## Friction Lab

##### Introduction

Friction is directly proportional to the normal force. Static friction refers to the amount of force required to get something to start moving. Kinetic friction refers to the force that opposes motion while something is moving. The purpose of this lab is to calculate the coefficients of static and kinetic friction between several surfaces. Because the coefficient of friction depends on both surfaces, changing either of the surfaces should change the coefficient. Also, you will determine how surface area and mass affect these coefficients.

Materials
• friction block
• several clean surfaces
• 0.5 kg masses
• newton (N) spring scales
##### Procedure

You must find the mass of your friction block (in kilograms!) before you begin. Use a spring scale to measure static friction as demonstrated by your teacher. Use a spring scale to measure the kinetic friction also as demonstrated by your teacher. Change the normal force by adding mass in increments of 0.5 kg. Measure the friction forces for at least four different surface combinations using four different masses for each combination of surfaces.

When measuring the friction force remember that performing each experiment three or four times will give you a better idea of the actual force than if you only did each one once.

The force of static friction is the amount of force shown on the spring scale at exactly the moment when the block just starts to move.

The force of kinetic friction is easier to measure. Use Newton’s First Law to justify your determinations.

Devise your own experiment to determine whether surface area of contact has an effect on the force of friction (either static or kinetic).

##### Analysis
1. Create a neat data table to contain all of the information you will need to perform the following analysis. Use the one on the back as an example. Record the data in your lab notebook in preparation for turning in a final draft quality version.
2. Calculate the coefficient of static friction (μs) and the coefficient of kinetic friction (μk) for each experimental setup.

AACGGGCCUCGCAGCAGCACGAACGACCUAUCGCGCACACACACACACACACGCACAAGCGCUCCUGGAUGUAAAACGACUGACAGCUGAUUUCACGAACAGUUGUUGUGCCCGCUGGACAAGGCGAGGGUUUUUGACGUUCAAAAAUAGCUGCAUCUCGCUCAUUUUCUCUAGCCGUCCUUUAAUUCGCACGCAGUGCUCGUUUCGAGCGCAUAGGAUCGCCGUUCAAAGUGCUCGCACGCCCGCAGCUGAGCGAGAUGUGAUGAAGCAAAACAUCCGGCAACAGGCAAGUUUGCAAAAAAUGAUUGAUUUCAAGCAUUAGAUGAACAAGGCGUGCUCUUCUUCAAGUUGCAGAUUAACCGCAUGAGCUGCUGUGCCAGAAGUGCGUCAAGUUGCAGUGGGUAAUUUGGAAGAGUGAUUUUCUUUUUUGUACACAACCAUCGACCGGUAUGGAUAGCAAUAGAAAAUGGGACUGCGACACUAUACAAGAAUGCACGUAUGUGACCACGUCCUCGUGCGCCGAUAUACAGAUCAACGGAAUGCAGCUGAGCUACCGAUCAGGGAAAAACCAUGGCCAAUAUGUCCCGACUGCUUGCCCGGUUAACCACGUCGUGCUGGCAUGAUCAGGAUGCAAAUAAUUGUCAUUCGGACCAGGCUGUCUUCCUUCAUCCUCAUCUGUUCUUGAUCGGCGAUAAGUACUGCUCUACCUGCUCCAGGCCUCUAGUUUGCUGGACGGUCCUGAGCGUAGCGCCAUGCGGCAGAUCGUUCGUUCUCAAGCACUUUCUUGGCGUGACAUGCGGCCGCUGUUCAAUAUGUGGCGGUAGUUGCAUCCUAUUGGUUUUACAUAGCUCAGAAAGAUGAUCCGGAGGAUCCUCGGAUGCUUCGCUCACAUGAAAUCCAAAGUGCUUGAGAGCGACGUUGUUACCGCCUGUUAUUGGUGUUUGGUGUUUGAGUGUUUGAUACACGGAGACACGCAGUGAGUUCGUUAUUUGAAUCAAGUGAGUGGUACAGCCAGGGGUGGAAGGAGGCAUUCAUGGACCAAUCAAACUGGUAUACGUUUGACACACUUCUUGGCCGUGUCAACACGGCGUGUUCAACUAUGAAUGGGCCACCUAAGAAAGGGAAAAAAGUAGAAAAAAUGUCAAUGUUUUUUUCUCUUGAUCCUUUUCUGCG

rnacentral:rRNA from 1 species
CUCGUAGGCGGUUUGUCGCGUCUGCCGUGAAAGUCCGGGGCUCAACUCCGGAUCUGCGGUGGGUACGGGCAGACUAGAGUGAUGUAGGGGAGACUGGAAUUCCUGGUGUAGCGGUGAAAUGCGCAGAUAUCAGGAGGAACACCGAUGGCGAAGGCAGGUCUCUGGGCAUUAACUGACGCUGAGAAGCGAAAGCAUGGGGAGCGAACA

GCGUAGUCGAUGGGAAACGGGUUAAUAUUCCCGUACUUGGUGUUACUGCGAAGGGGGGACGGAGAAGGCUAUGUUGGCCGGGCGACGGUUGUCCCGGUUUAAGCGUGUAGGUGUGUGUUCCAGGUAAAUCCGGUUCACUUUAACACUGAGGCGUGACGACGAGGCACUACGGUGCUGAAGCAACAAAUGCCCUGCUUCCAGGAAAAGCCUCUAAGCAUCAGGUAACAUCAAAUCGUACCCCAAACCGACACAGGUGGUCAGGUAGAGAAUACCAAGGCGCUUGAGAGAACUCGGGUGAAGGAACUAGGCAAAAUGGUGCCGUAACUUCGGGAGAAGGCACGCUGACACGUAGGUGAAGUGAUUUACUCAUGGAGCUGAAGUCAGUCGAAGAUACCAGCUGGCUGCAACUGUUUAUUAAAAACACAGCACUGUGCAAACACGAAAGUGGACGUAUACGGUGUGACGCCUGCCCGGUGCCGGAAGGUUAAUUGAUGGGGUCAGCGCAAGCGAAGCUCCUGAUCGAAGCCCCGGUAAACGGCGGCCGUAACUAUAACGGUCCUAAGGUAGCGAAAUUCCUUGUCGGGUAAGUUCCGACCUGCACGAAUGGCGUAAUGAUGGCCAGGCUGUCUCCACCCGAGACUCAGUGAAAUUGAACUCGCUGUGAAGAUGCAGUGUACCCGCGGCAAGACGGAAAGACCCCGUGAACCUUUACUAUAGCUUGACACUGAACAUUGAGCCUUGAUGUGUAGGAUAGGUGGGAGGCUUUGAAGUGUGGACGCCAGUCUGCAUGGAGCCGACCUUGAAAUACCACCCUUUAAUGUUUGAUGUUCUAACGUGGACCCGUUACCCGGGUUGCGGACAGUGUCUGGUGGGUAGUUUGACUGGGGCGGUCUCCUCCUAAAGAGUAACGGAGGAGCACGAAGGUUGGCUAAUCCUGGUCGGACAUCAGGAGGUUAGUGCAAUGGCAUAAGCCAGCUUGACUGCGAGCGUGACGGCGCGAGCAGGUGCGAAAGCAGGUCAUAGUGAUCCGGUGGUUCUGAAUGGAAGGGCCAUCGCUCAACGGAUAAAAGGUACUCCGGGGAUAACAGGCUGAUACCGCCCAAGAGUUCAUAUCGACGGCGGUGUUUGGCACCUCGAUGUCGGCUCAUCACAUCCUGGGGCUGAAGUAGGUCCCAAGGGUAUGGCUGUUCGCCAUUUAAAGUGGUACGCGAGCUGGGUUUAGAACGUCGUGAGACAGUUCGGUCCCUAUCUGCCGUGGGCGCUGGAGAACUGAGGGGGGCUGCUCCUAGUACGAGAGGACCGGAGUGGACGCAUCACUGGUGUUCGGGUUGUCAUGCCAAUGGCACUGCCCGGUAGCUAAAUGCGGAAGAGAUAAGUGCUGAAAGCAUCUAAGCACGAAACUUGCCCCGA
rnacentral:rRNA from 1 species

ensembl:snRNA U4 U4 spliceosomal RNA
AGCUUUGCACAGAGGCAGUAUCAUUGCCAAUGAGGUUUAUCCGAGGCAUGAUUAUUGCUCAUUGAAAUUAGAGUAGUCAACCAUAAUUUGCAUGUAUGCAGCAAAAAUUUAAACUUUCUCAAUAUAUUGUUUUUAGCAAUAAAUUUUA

3. Find the average μs and μk for a surface combination using the values found for each different mass/normal force.
4. Graph the static frictional force as a function of the normal force on one graph and the kinetic frictional force as a function of the normal force on another graph. Put all four surfaces onto each graph so that you have only two graphs total. Calculate the slopes for each surface and display them on the graph.
5. How do the slopes of your graphs compare with the average values of the coefficients? Can you explain this relationship?
6. How does mass affect the coefficients of friction? Justify your answer using experimental evidence.
7. How does surface area affect the coefficients of friction? Justify your answer using experimental evidence.
8. Is one coefficient of friction always larger than the other? If not, what is the trend: which coefficient tends to be larger? Explain this.
9. What are the units of coefficients of friction? Justify your answer mathematically.
##### To Hand In

Hand in your data tables, graphs, sample calculations and the results of the analysis requested above (that is, answer the questions). Do this by hand or on a computer but neatness counts. Show units and show all work for calculations and use a step-by-step approach.

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 Surfaces: Mass (kg) Normal Force (N) Static Friction Force (N) Kinetic Friction Force (N) μs μk Slope μs Slope μk Avg. Avg.
Credit for this lab belongs to G. Bither of Scarborough HS
Image courtesy of Hyperphysics
Last updated: Nov 25, 2006 Home